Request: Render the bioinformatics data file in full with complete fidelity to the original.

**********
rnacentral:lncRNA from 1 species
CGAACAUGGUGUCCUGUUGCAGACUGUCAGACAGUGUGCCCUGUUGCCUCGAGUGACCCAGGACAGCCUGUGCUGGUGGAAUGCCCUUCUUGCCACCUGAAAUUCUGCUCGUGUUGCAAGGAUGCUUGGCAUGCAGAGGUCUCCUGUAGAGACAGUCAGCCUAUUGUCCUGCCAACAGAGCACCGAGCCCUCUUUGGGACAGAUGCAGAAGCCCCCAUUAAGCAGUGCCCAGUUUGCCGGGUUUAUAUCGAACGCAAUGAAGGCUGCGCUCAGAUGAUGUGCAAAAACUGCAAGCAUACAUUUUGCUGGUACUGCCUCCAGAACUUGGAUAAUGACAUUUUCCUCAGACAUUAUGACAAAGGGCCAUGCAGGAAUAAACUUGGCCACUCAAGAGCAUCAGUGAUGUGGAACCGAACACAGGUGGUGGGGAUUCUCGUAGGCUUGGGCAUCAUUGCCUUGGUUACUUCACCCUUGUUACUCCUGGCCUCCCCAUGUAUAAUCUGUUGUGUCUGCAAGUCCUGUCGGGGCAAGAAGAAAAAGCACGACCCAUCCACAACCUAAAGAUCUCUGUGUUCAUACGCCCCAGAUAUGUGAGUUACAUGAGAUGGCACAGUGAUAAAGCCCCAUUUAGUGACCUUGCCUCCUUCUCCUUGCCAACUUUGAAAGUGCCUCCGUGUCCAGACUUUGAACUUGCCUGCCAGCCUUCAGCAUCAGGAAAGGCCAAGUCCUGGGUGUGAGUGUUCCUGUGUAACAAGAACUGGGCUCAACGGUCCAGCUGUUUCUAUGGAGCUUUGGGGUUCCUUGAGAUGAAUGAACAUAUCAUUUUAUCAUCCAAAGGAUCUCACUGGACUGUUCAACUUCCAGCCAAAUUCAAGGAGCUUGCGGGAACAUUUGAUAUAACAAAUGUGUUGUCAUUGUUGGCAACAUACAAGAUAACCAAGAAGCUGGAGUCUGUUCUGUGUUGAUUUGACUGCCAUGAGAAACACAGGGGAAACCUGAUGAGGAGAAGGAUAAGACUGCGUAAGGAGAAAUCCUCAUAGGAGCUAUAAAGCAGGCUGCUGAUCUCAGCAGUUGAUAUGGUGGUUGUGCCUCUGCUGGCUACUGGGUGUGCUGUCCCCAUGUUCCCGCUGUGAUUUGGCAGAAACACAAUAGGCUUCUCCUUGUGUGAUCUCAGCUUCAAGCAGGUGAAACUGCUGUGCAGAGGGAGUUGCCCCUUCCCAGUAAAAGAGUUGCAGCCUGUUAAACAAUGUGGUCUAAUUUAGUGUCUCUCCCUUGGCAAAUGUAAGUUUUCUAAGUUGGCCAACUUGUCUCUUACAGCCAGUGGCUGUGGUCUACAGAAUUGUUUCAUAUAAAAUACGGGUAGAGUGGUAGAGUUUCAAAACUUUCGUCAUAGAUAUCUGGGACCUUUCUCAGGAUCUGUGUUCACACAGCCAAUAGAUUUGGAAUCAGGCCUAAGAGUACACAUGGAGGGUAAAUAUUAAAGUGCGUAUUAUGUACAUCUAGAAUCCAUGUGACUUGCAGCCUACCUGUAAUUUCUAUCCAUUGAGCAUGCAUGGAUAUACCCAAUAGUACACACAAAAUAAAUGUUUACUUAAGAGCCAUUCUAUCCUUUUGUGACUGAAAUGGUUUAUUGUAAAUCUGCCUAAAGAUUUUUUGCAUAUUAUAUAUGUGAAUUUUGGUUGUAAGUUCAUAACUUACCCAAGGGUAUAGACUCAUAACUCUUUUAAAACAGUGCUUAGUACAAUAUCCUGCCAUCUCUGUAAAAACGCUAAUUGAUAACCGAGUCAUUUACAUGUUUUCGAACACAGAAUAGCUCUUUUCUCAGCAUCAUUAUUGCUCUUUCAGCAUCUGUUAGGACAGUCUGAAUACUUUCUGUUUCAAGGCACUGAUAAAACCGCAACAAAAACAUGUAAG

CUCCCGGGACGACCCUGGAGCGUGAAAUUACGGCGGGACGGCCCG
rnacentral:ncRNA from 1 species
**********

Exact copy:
rnacentral:lncRNA from 1 species
CGAACAUGGUGUCCUGUUGCAGACUGUCAGACAGUGUGCCCUGUUGCCUCGAGUGACCCAGGACAGCCUGUGCUGGUGGAAUGCCCUUCUUGCCACCUGAAAUUCUGCUCGUGUUGCAAGGAUGCUUGGCAUGCAGAGGUCUCCUGUAGAGACAGUCAGCCUAUUGUCCUGCCAACAGAGCACCGAGCCCUCUUUGGGACAGAUGCAGAAGCCCCCAUUAAGCAGUGCCCAGUUUGCCGGGUUUAUAUCGAACGCAAUGAAGGCUGCGCUCAGAUGAUGUGCAAAAACUGCAAGCAUACAUUUUGCUGGUACUGCCUCCAGAACUUGGAUAAUGACAUUUUCCUCAGACAUUAUGACAAAGGGCCAUGCAGGAAUAAACUUGGCCACUCAAGAGCAUCAGUGAUGUGGAACCGAACACAGGUGGUGGGGAUUCUCGUAGGCUUGGGCAUCAUUGCCUUGGUUACUUCACCCUUGUUACUCCUGGCCUCCCCAUGUAUAAUCUGUUGUGUCUGCAAGUCCUGUCGGGGCAAGAAGAAAAAGCACGACCCAUCCACAACCUAAAGAUCUCUGUGUUCAUACGCCCCAGAUAUGUGAGUUACAUGAGAUGGCACAGUGAUAAAGCCCCAUUUAGUGACCUUGCCUCCUUCUCCUUGCCAACUUUGAAAGUGCCUCCGUGUCCAGACUUUGAACUUGCCUGCCAGCCUUCAGCAUCAGGAAAGGCCAAGUCCUGGGUGUGAGUGUUCCUGUGUAACAAGAACUGGGCUCAACGGUCCAGCUGUUUCUAUGGAGCUUUGGGGUUCCUUGAGAUGAAUGAACAUAUCAUUUUAUCAUCCAAAGGAUCUCACUGGACUGUUCAACUUCCAGCCAAAUUCAAGGAGCUUGCGGGAACAUUUGAUAUAACAAAUGUGUUGUCAUUGUUGGCAACAUACAAGAUAACCAAGAAGCUGGAGUCUGUUCUGUGUUGAUUUGACUGCCAUGAGAAACACAGGGGAAACCUGAUGAGGAGAAGGAUAAGACUGCGUAAGGAGAAAUCCUCAUAGGAGCUAUAAAGCAGGCUGCUGAUCUCAGCAGUUGAUAUGGUGGUUGUGCCUCUGCUGGCUACUGGGUGUGCUGUCCCCAUGUUCCCGCUGUGAUUUGGCAGAAACACAAUAGGCUUCUCCUUGUGUGAUCUCAGCUUCAAGCAGGUGAAACUGCUGUGCAGAGGGAGUUGCCCCUUCCCAGUAAAAGAGUUGCAGCCUGUUAAACAAUGUGGUCUAAUUUAGUGUCUCUCCCUUGGCAAAUGUAAGUUUUCUAAGUUGGCCAACUUGUCUCUUACAGCCAGUGGCUGUGGUCUACAGAAUUGUUUCAUAUAAAAUACGGGUAGAGUGGUAGAGUUUCAAAACUUUCGUCAUAGAUAUCUGGGACCUUUCUCAGGAUCUGUGUUCACACAGCCAAUAGAUUUGGAAUCAGGCCUAAGAGUACACAUGGAGGGUAAAUAUUAAAGUGCGUAUUAUGUACAUCUAGAAUCCAUGUGACUUGCAGCCUACCUGUAAUUUCUAUCCAUUGAGCAUGCAUGGAUAUACCCAAUAGUACACACAAAAUAAAUGUUUACUUAAGAGCCAUUCUAUCCUUUUGUGACUGAAAUGGUUUAUUGUAAAUCUGCCUAAAGAUUUUUUGCAUAUUAUAUAUGUGAAUUUUGGUUGUAAGUUCAUAACUUACCCAAGGGUAUAGACUCAUAACUCUUUUAAAACAGUGCUUAGUACAAUAUCCUGCCAUCUCUGUAAAAACGCUAAUUGAUAACCGAGUCAUUUACAUGUUUUCGAACACAGAAUAGCUCUUUUCUCAGCAUCAUUAUUGCUCUUUCAGCAUCUGUUAGGACAGUCUGAAUACUUUCUGUUUCAAGGCACUGAUAAAACCGCAACAAAAACAUGUAAG

CUCCCGGGACGACCCUGGAGCGUGAAAUUACGGCGGGACGGCCCG
rnacentral:ncRNA from 1 species